Study shows lawn mowing frequency affects bee abundance, diversity

A study done in Springfield, Massachusetts may help you find a reason to take a break from mowing the lawn as the grass starts to return alongside the warm weather.

Research done by a group, which includes Dr. Susannah Lerman from the University of Massachusetts as lead author, showed that cutting grass every two weeks helps to grow more pollinating plants that bees need to survive.

The study was conducted over a span of two years, with researchers mowing 16 residential lawns in Springfield to learn how much bees relied on back gardens for their own survival.

Those lawns were mowed weekly, every two weeks and every three weeks, with tests afterwards to test how the bees responded to the different timeframes.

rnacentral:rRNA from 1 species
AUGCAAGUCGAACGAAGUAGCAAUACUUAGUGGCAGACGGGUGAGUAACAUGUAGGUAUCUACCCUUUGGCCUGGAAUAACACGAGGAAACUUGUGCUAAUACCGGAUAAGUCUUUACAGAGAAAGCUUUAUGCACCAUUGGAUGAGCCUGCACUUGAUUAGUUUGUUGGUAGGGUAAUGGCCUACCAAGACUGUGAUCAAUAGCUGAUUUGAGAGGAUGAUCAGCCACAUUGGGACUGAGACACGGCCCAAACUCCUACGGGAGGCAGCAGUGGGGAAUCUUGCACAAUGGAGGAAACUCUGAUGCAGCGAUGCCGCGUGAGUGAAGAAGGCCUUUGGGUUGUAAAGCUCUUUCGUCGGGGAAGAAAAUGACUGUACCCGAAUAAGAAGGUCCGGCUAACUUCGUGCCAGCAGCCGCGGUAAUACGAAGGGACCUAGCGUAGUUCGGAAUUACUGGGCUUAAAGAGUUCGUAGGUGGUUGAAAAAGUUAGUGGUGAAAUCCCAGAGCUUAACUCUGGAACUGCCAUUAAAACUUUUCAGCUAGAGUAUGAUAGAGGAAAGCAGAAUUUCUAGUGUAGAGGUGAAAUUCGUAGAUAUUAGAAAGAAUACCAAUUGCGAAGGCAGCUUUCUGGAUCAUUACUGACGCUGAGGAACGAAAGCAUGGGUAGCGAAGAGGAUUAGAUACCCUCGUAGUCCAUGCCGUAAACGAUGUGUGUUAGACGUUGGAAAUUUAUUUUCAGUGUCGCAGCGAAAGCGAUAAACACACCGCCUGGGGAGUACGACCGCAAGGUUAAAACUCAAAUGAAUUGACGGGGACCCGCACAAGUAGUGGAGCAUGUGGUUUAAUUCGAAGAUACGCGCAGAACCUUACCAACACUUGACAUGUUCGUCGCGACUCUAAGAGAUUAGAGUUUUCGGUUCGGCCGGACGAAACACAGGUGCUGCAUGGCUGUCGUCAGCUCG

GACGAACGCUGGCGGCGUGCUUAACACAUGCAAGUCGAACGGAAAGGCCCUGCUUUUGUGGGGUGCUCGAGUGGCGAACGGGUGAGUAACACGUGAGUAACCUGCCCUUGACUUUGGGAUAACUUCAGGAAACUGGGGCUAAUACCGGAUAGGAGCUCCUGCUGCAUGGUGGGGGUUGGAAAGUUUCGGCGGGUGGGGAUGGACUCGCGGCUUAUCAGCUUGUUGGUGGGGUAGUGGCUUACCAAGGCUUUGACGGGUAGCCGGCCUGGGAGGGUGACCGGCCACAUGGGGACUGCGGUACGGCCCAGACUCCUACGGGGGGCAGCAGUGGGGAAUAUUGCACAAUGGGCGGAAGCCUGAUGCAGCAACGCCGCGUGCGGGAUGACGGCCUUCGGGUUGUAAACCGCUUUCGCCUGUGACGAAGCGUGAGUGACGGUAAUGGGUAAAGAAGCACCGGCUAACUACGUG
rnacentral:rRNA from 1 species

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The study showed that the number of bee species and the number of lawn flowers were up to 2.5 times higher when lawns were mowed every two weeks.

Researchers said that cutting the grass more often destroyed dandelions and clover, which those insects use and need for the pollen.

The study showed that cutting the grass every week, and also once every three weeks, were both less effective than mowing every two weeks, with the average number of bees lower for the three-week span despite the diversity of bee species being higher.